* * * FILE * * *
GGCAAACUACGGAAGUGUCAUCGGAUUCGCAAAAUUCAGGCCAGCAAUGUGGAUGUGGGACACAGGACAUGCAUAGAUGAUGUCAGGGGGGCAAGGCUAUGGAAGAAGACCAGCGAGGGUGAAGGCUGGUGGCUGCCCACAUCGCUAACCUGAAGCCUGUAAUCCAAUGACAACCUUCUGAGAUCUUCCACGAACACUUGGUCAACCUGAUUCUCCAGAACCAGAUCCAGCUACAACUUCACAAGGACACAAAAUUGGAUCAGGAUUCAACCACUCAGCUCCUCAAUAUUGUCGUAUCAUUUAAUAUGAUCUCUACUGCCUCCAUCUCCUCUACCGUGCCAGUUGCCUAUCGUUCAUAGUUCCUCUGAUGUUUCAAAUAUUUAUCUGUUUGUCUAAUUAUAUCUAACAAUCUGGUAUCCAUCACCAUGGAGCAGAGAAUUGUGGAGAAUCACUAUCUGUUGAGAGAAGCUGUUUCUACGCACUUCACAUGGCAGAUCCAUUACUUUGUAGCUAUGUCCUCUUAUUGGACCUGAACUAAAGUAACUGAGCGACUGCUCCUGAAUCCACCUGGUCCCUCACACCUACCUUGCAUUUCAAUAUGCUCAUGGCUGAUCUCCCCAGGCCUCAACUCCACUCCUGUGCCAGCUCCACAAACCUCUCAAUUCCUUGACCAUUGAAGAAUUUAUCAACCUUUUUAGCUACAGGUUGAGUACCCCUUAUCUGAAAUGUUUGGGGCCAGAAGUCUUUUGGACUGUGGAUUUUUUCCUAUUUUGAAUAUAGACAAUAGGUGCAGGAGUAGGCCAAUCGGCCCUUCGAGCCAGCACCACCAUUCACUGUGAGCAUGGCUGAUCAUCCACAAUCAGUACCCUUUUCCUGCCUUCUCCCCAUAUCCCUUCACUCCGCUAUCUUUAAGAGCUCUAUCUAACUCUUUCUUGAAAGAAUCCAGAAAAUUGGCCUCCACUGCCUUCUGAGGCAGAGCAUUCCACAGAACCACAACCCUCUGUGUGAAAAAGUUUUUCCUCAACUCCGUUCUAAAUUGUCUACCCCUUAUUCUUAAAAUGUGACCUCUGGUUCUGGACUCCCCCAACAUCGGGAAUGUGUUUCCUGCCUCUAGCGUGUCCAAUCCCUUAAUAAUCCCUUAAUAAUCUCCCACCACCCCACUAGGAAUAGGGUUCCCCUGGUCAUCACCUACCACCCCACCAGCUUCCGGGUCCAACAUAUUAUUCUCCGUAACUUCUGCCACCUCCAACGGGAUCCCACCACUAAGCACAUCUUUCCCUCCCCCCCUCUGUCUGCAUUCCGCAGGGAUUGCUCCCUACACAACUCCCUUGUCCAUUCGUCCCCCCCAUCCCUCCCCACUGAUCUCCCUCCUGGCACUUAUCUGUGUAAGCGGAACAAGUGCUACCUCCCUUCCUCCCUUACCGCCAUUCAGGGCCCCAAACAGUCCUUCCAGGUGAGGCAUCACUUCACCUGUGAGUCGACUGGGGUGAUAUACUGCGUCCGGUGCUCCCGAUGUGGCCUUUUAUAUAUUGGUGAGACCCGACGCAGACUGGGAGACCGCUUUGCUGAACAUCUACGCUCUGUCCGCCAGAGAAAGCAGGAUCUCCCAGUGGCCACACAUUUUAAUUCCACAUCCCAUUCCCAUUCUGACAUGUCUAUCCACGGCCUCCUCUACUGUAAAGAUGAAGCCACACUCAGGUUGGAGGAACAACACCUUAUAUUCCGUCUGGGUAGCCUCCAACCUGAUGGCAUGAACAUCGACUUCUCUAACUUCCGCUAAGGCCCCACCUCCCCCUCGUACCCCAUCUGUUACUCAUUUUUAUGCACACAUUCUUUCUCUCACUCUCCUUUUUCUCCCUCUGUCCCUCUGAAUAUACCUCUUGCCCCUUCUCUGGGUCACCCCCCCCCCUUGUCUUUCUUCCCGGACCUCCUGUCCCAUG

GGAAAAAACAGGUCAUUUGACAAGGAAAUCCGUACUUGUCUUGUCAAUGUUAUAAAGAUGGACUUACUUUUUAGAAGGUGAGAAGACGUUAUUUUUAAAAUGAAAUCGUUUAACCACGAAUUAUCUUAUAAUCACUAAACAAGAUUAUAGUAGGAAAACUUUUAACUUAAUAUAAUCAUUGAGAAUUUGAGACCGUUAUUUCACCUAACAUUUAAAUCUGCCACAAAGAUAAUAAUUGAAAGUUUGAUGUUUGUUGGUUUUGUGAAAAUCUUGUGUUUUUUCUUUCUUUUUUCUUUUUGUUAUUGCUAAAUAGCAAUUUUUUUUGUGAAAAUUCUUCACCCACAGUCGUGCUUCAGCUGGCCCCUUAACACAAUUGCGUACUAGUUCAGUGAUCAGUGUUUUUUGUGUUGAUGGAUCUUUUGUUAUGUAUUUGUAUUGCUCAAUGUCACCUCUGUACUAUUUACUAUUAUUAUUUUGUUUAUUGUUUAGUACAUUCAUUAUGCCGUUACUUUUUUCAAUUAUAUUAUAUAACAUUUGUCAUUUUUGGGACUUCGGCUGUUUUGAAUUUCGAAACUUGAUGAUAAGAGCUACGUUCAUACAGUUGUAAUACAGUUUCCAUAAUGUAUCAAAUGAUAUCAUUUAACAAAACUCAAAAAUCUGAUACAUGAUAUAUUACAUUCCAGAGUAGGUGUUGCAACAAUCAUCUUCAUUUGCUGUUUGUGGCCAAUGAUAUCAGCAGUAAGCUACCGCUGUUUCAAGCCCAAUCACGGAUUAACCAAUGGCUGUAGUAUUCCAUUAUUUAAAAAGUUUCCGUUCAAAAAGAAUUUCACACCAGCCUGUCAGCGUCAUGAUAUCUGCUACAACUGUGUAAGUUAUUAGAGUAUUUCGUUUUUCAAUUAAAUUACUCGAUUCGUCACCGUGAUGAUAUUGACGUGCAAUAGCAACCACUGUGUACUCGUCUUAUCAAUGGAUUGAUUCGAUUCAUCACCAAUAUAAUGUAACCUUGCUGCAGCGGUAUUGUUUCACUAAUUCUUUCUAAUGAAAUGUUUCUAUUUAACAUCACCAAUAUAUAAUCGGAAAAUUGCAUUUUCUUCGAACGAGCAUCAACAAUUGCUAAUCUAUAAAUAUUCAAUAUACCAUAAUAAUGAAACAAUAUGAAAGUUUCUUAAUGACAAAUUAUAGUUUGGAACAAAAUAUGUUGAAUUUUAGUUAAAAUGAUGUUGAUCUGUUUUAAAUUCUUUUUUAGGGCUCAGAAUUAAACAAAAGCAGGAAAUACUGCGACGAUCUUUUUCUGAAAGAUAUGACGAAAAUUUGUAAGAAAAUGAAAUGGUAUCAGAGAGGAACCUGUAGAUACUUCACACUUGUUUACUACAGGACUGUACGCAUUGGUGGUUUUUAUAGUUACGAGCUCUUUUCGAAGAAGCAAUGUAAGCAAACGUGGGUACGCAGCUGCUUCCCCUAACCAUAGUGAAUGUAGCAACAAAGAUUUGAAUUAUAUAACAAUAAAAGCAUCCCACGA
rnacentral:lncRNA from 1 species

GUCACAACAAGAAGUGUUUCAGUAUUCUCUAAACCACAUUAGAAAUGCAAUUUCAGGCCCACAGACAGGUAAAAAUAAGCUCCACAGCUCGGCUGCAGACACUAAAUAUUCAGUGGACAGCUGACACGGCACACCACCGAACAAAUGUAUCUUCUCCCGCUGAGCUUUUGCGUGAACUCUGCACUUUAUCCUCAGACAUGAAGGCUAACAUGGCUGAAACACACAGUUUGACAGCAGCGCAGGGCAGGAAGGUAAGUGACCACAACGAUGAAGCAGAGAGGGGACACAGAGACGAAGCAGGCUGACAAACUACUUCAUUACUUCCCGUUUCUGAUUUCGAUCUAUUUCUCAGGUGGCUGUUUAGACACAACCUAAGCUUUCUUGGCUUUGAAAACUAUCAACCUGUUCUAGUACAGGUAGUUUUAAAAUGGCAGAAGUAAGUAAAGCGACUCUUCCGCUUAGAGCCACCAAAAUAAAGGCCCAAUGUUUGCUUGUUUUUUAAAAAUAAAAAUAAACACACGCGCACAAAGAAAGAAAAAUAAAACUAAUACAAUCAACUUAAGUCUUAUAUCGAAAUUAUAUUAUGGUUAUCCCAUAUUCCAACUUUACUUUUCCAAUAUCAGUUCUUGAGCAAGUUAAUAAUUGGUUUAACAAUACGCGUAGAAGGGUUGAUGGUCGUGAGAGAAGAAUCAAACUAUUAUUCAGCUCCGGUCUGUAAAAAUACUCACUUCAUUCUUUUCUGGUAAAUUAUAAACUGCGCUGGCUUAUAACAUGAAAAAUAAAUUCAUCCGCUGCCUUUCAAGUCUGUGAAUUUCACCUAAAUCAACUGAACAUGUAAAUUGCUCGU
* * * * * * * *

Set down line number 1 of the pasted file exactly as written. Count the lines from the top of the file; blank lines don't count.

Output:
GGCAAACUACGGAAGUGUCAUCGGAUUCGCAAAAUUCAGGCCAGCAAUGUGGAUGUGGGACACAGGACAUGCAUAGAUGAUGUCAGGGGGGCAAGGCUAUGGAAGAAGACCAGCGAGGGUGAAGGCUGGUGGCUGCCCACAUCGCUAACCUGAAGCCUGUAAUCCAAUGACAACCUUCUGAGAUCUUCCACGAACACUUGGUCAACCUGAUUCUCCAGAACCAGAUCCAGCUACAACUUCACAAGGACACAAAAUUGGAUCAGGAUUCAACCACUCAGCUCCUCAAUAUUGUCGUAUCAUUUAAUAUGAUCUCUACUGCCUCCAUCUCCUCUACCGUGCCAGUUGCCUAUCGUUCAUAGUUCCUCUGAUGUUUCAAAUAUUUAUCUGUUUGUCUAAUUAUAUCUAACAAUCUGGUAUCCAUCACCAUGGAGCAGAGAAUUGUGGAGAAUCACUAUCUGUUGAGAGAAGCUGUUUCUACGCACUUCACAUGGCAGAUCCAUUACUUUGUAGCUAUGUCCUCUUAUUGGACCUGAACUAAAGUAACUGAGCGACUGCUCCUGAAUCCACCUGGUCCCUCACACCUACCUUGCAUUUCAAUAUGCUCAUGGCUGAUCUCCCCAGGCCUCAACUCCACUCCUGUGCCAGCUCCACAAACCUCUCAAUUCCUUGACCAUUGAAGAAUUUAUCAACCUUUUUAGCUACAGGUUGAGUACCCCUUAUCUGAAAUGUUUGGGGCCAGAAGUCUUUUGGACUGUGGAUUUUUUCCUAUUUUGAAUAUAGACAAUAGGUGCAGGAGUAGGCCAAUCGGCCCUUCGAGCCAGCACCACCAUUCACUGUGAGCAUGGCUGAUCAUCCACAAUCAGUACCCUUUUCCUGCCUUCUCCCCAUAUCCCUUCACUCCGCUAUCUUUAAGAGCUCUAUCUAACUCUUUCUUGAAAGAAUCCAGAAAAUUGGCCUCCACUGCCUUCUGAGGCAGAGCAUUCCACAGAACCACAACCCUCUGUGUGAAAAAGUUUUUCCUCAACUCCGUUCUAAAUUGUCUACCCCUUAUUCUUAAAAUGUGACCUCUGGUUCUGGACUCCCCCAACAUCGGGAAUGUGUUUCCUGCCUCUAGCGUGUCCAAUCCCUUAAUAAUCCCUUAAUAAUCUCCCACCACCCCACUAGGAAUAGGGUUCCCCUGGUCAUCACCUACCACCCCACCAGCUUCCGGGUCCAACAUAUUAUUCUCCGUAACUUCUGCCACCUCCAACGGGAUCCCACCACUAAGCACAUCUUUCCCUCCCCCCCUCUGUCUGCAUUCCGCAGGGAUUGCUCCCUACACAACUCCCUUGUCCAUUCGUCCCCCCCAUCCCUCCCCACUGAUCUCCCUCCUGGCACUUAUCUGUGUAAGCGGAACAAGUGCUACCUCCCUUCCUCCCUUACCGCCAUUCAGGGCCCCAAACAGUCCUUCCAGGUGAGGCAUCACUUCACCUGUGAGUCGACUGGGGUGAUAUACUGCGUCCGGUGCUCCCGAUGUGGCCUUUUAUAUAUUGGUGAGACCCGACGCAGACUGGGAGACCGCUUUGCUGAACAUCUACGCUCUGUCCGCCAGAGAAAGCAGGAUCUCCCAGUGGCCACACAUUUUAAUUCCACAUCCCAUUCCCAUUCUGACAUGUCUAUCCACGGCCUCCUCUACUGUAAAGAUGAAGCCACACUCAGGUUGGAGGAACAACACCUUAUAUUCCGUCUGGGUAGCCUCCAACCUGAUGGCAUGAACAUCGACUUCUCUAACUUCCGCUAAGGCCCCACCUCCCCCUCGUACCCCAUCUGUUACUCAUUUUUAUGCACACAUUCUUUCUCUCACUCUCCUUUUUCUCCCUCUGUCCCUCUGAAUAUACCUCUUGCCCCUUCUCUGGGUCACCCCCCCCCCUUGUCUUUCUUCCCGGACCUCCUGUCCCAUG